Dye et al. Prospects for worldwide tuberculosis control under the
WHO DOTS strategy. Lancet. 352(9144):1886, December 12, 1998.
This journal article discusses the results of an age-structured mathematical
model to determine the effects of directly observed treatment, short-course
(DOTS) on worldwide TB rates. The authors estimate that, if action isn't
taken to curb the disease, the annual incidence of TB will increase by
41 percent by the year 2020. They recommend improved diagnostic techniques,
drugs, and therapy, coupled with targeted preventive therapy.
New TB guidelines. Journal of the American Medical Association
Online. 280(20):1735, November 25, 1998.
This article presents new TB guidelines released by the American College
of Occupational and Environmental Medicine.
Stephenson, M. Appropriate antibiotic use key to preventing spread
of pertussis and TB. Infectious Diseases in Children. 11(10):30,
This article indicates that children under two and adolescents are at
greatest risk for progression from TB infection to TB disease, although
progression is rare in the majority of cases. A minimum of six months
therapy is recommended for all children exposed to or infected with TB.
Zwarenstein et al. Randomised controlled trial of self-supervised
and directly observed treatment of tuberculosis. Lancet. 52(9137):1340,
October 24, 1998.
This journal article discusses the results of a South African study of
216 adults starting pulmonary TB treatment for the first time or being
retreated to determine whether directly observed treatment improves completion
and outcome of therapy.
Berthet et al. Attenuation
of virulence by disruption of the Mycobacterium tuberculosis erp gene.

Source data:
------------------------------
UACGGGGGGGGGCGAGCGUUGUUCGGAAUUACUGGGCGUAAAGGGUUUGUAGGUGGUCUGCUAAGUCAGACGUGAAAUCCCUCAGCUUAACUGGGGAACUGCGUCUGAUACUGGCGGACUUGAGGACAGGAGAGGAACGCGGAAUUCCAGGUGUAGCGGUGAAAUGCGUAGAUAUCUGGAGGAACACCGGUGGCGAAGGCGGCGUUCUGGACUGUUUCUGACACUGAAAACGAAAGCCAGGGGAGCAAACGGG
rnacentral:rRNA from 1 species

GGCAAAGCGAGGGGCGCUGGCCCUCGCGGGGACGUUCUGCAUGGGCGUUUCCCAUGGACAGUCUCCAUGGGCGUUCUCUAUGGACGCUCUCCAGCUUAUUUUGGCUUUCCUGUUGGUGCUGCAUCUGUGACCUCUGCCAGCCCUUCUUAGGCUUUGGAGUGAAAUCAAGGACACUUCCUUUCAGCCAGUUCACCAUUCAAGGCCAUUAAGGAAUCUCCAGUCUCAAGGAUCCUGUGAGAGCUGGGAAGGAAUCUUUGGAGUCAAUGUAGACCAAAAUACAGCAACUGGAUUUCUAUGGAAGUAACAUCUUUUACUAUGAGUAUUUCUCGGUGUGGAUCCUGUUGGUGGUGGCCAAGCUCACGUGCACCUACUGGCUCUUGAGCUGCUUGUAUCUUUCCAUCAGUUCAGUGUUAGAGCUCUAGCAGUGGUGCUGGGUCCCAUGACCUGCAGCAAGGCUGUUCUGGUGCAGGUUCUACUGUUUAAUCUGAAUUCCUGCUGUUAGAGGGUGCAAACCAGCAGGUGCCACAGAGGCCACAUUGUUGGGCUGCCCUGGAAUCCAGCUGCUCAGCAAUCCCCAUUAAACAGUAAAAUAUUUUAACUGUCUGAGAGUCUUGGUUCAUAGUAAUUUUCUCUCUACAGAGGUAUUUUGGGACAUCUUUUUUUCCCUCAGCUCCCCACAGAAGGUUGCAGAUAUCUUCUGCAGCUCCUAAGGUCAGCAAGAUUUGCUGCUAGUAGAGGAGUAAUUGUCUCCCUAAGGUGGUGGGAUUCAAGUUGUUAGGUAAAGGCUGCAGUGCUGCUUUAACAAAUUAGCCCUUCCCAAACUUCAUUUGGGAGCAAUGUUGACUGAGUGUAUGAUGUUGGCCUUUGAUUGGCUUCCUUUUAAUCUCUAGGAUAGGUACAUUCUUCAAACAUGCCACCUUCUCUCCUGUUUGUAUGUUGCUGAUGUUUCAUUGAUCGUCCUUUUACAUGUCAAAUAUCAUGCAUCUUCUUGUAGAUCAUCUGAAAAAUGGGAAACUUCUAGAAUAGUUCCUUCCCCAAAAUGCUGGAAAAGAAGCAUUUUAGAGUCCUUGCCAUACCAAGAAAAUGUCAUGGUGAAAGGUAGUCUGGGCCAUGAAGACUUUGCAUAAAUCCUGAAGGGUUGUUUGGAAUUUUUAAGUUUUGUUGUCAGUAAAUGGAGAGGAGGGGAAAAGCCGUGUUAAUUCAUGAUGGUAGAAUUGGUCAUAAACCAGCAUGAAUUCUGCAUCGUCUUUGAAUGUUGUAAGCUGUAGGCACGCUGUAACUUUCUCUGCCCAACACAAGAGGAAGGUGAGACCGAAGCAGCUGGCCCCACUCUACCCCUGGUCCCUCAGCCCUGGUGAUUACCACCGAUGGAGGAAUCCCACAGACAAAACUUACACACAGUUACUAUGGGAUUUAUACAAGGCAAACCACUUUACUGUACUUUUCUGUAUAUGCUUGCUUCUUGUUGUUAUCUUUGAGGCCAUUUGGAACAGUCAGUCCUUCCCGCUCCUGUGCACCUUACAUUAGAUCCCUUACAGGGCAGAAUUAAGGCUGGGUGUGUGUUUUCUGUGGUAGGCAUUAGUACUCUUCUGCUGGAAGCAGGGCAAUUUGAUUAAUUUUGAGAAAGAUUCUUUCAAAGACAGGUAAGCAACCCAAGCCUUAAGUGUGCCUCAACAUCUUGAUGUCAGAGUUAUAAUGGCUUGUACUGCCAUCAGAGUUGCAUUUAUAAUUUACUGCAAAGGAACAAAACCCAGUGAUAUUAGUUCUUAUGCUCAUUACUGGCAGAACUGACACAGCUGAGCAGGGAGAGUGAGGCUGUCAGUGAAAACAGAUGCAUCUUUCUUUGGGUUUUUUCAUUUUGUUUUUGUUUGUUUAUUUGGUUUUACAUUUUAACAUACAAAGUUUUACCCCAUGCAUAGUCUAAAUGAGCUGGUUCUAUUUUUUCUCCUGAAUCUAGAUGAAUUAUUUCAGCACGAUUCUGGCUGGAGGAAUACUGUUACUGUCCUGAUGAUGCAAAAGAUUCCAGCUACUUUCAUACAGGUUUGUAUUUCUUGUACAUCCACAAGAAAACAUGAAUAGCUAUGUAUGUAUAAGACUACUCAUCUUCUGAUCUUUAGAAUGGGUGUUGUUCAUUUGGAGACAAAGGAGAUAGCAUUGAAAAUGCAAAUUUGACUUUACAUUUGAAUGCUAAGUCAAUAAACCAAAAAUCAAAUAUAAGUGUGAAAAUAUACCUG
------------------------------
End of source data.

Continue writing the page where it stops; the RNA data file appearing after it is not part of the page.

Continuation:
Science. 282(5389):759-62, October 23, 1998.
The virulence of TB-causing mycobacteria depends on their ability to multiply
in mammalian hosts. Disruption of the bacterial erp gene, which encodes
the exported repetitive protein, impaired multiplication of
M. tuberculosis and M. bovis Bacille Calmette-Guerin in cultured
macrophages and mice. Reintroduction of erp into the mutants restored
their ability to multiply, indicating that erp contributes to the virulence
proves potent against infections. AIDS Alert-International.
13(10):2, October 1998.
This article discusses the results of a study by CDC and Ivory Coast researchers
about cotrimoxazole's role as a safe and relatively inexpensive treatment
against opportunistic infections, cutting illness and death by half among
patients coinfected with AIDS and TB. The drug is already used in the
U.S. and other industrialized countries to treat Pneumocystis carinii
pneumonia. The study found that the medication cut deaths by 48 percent
and reduced hospitalizations by 44 percent.
Griffith, D. E. Tuberculosis
control is a team sport. Chest Online. 114(3), September 1998.
This journal article discusses TB control, asserting that TB specialists
are the key to effective control of the disease. The author states that
although new CDC guidelines have helped reduce the risk of TB among healthcare
workers, the decrease is also the result of extensive TB education for
multi-drug resistant tuberculosis-Buenaventura, Columbia, 1998. Morbidity
and Mortality Weekly Report. 47(36), September 18, 1998.
This article presents the findings of the first investigation of multi-drug
resistant TB in Columbia, which found high rates of drug resistance among
TB patients who had a history of treatment for an average of 3.5 years.
Castro, K. G. Global
tuberculosis challenges. Emerging Infectious Diseases Online.
4(3), July-September 1998.
This article discusses the epidemiology of global TB using information